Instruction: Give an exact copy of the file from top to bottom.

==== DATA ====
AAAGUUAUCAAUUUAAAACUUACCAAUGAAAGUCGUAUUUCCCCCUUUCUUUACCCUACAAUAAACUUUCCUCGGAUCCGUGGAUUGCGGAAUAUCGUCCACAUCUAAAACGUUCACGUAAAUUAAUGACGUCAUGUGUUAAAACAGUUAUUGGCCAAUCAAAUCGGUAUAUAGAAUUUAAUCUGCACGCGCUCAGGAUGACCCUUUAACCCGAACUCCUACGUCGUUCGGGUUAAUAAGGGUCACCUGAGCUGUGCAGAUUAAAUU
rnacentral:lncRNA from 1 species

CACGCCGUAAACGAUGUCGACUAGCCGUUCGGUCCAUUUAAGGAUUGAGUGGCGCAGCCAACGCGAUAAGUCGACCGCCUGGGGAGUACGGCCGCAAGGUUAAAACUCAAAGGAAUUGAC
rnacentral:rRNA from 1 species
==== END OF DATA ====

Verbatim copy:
AAAGUUAUCAAUUUAAAACUUACCAAUGAAAGUCGUAUUUCCCCCUUUCUUUACCCUACAAUAAACUUUCCUCGGAUCCGUGGAUUGCGGAAUAUCGUCCACAUCUAAAACGUUCACGUAAAUUAAUGACGUCAUGUGUUAAAACAGUUAUUGGCCAAUCAAAUCGGUAUAUAGAAUUUAAUCUGCACGCGCUCAGGAUGACCCUUUAACCCGAACUCCUACGUCGUUCGGGUUAAUAAGGGUCACCUGAGCUGUGCAGAUUAAAUU
rnacentral:lncRNA from 1 species

CACGCCGUAAACGAUGUCGACUAGCCGUUCGGUCCAUUUAAGGAUUGAGUGGCGCAGCCAACGCGAUAAGUCGACCGCCUGGGGAGUACGGCCGCAAGGUUAAAACUCAAAGGAAUUGAC
rnacentral:rRNA from 1 species